Well, you’ve just discovered your thermostat’s shot. As a furnace owner, you need to know exactly what to do, without any unnecessary delays. Let’s get to it then.
When replacing the thermostat, make sure the new one has exactly the same voltage rating. After all, it has to be compatible with your furnace. Here’s how the replacement process works:
- First unplug the furnace from the outlet or tune of the breaker to the furnace. If bare wires touch you may burn up a transformer.
- To remove the old thermostat, take the faceplate off of it and locate the mounting screws. Remove these, and it’s now free from the wall. Remove wires from the back of your old part by turning the connection screws counterclockwise. Be careful here: we don’t want any loose wires falling down between walls.
- Clean the exposed wires; scrape them with a utility knife to make the wires’ ends shine. Attach the wires to your new thermostat. Just to remind you, the electrical/voltage rating needs to match.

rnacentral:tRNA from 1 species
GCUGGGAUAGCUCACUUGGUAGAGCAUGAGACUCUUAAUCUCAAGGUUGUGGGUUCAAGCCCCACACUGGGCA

- Next, push the wires into the back of the wall and tape up the opening to prevent cold air from seeping through. If it isn’t sealed properly, it will definitely affect the efficiency of your thermostat.
- Now you need to put back the mounting screws to attach the new thermostat to your wall. If the thermostat has a mercury tube, the unit needs to be completely leveled during installation. Mercury tube thermostats tend not to function accurately unless they’re completely level.
- Put the faceplate back where it needs to be. Ensure the new thermostat switches your heating system on and off as the temperature is adjusted.
- Reconnect power.
Follow these simple steps and rest assured, when the time comes, you can easily replace the thermostat yourself.
Once you replace your furnace thermostat, if you need help programming it click here – http://americanairconditioning.com/thermostats.php.
This article was provided by American Air Conditioning and Heating. Since 1981, American Air has been providing professional air conditioning and heating service and repair. Check out their $99 furnace tune-up special!